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Invasion Alert: Giant Parachuting Venomous Joro Spiders Could Descend on the Northeast This Summer

Get ready, Northeastern U.S. — a giant, parachuting spider species might be heading your way. But what exactly are these Joro spiders, and how worried should we be?

Joro spiders, which are currently spreading throughout the southeastern United States, could start appearing in Pennsylvania, New Jersey, and Delaware this summer.

Native to East Asia, these yellow and black arachnids have been established in Georgia for about a decade. A 2023 peer-reviewed study by David Coyle, a scientist and assistant professor at Clemson University, confirmed that the species is “here to stay” in the U.S. as it rapidly expands its range.

As of October 2022, Joro spiders had spread across at least 120,000 square kilometers in Georgia, South Carolina, North Carolina, and Tennessee. There have also been sightings in Alabama, Maryland, Oklahoma, and West Virginia. The spiders are expected to continue their spread, reaching more East Coast states.

Coyle stated, “The data from the study shows that this spider is going to be able to inhabit most of the eastern U.S. Their comfort area in their native range matches up very well with much of North America. Barring some unforeseen circumstance, we expect the range of these things to continue expanding, likely to the north, and we’ve already seen that with some populations in Maryland.”

Joro spiders are light enough to travel by “ballooning,” a process where they release silk threads to catch the wind, allowing them to drift through the air. This makes it easy for them to spread quickly.

Identifying Joro Spiders: Appearance and Safety

Female Joro spiders, scientifically known as Trichonephila clavata, can have bodies about 1 inch long with legs spanning up to 4 inches. They are brightly colored, while the males are brown. Despite their large size, Joro spiders are relatively harmless to humans and pets.

Will Joro Spiders Arrive in the Delaware Valley Soon?

It’s possible, but there’s no need for immediate concern. In their native range, Joro spiders thrive in relatively cold areas, similar to the climate in much of Pennsylvania. According to Penn State, they are likely to spread throughout eastern North America, reaching as far north as Pennsylvania and possibly beyond in warmer coastal areas.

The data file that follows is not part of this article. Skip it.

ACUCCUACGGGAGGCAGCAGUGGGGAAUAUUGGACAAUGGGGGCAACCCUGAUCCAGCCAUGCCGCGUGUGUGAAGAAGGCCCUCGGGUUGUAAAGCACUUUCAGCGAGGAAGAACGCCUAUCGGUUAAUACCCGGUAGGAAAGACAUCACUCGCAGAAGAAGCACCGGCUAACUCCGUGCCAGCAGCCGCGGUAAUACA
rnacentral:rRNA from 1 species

Between 2014 and 2022, Joro spiders spread outward from their initial location by 50–80 miles, or about 10 miles per year. At that rate, they could reach southeastern Pennsylvania in 35 years and northwestern Pennsylvania in 60 years. However, spiderlings are capable of moving tens to hundreds of miles via ballooning. Human-mediated transport also increases the risk of their spread.

State Responses and Expert Opinions

NBC10 reached out to wildlife officials in Pennsylvania, New Jersey, and Delaware. Pennsylvania officials suggested consulting the Penn State Extension for more information. In New Jersey, the Department of Environmental Protection said they are not involved in tracking or researching Joro spiders. Delaware’s Department of Natural Resources and Control recommended contacting the University of Delaware’s Department of Entomology and Wildlife Ecology.

Dr. Doug Tallamy, an entomologist at the University of Delaware, downplayed the threat of a Joro invasion, stating, “It’s possible but very low on the list of things we should be worried about.”

Origins and Behavior of Joro Spiders

Joro spiders are native to East Asia and likely arrived in the U.S. via shipping containers. They belong to the orb-weaver family, known for spinning large, orb-shaped webs similar to garden and banana spiders.

These spiders primarily spread through natural dispersal mechanisms like ballooning. However, human-mediated transport has also contributed to their spread.

Are Joro Spiders Dangerous?

While their large size may seem intimidating, Joro spiders are not dangerous to humans or pets. A study by the University of Georgia found them to be quite shy. They only bite if cornered, and their fangs are usually too small to penetrate human skin.

“Our paper shows that these spiders are really more afraid of you than the reverse,” said Andy Davis, lead author of the study and a research scientist at UGA’s Odum School of Ecology.

Joro spiders prefer to stay outside, spinning webs on the exteriors of homes or other structures. If you need to move one, using a broom or stick should suffice.

What Do Joro Spiders Eat?

Joro spiders are not picky eaters. They consume mosquitoes, yellowjackets, stink bugs, and even spotted lanternflies. According to Coyle, “They don’t seem to care what gets in their web.”

Interestingly, Joro spiders are displacing native species and having other negative impacts, though the reasons are not entirely clear. Coyle explained, “These are not just benign spiders coming to catch and kill bad things; these are pushing out native species and catching and killing whatever happens to get in their webs.”

Disclaimer: The information presented in this article is based on current events and data available at the time of publication to the best of our research and knowledge. It is intended for educational and informational purposes only and should not be construed as professional advice or financial advice or sportsbetting advice or life advice. It is simply our best guess. We at Las Vegas Top Picks do our best to get stories accurate, but sometimes mistakes happen, and it is always good to double-check other sources and media outlets to confirm stories and factual details. The opinions expressed in this article do not necessarily reflect the overall opinion of Las Vegas Top Picks.

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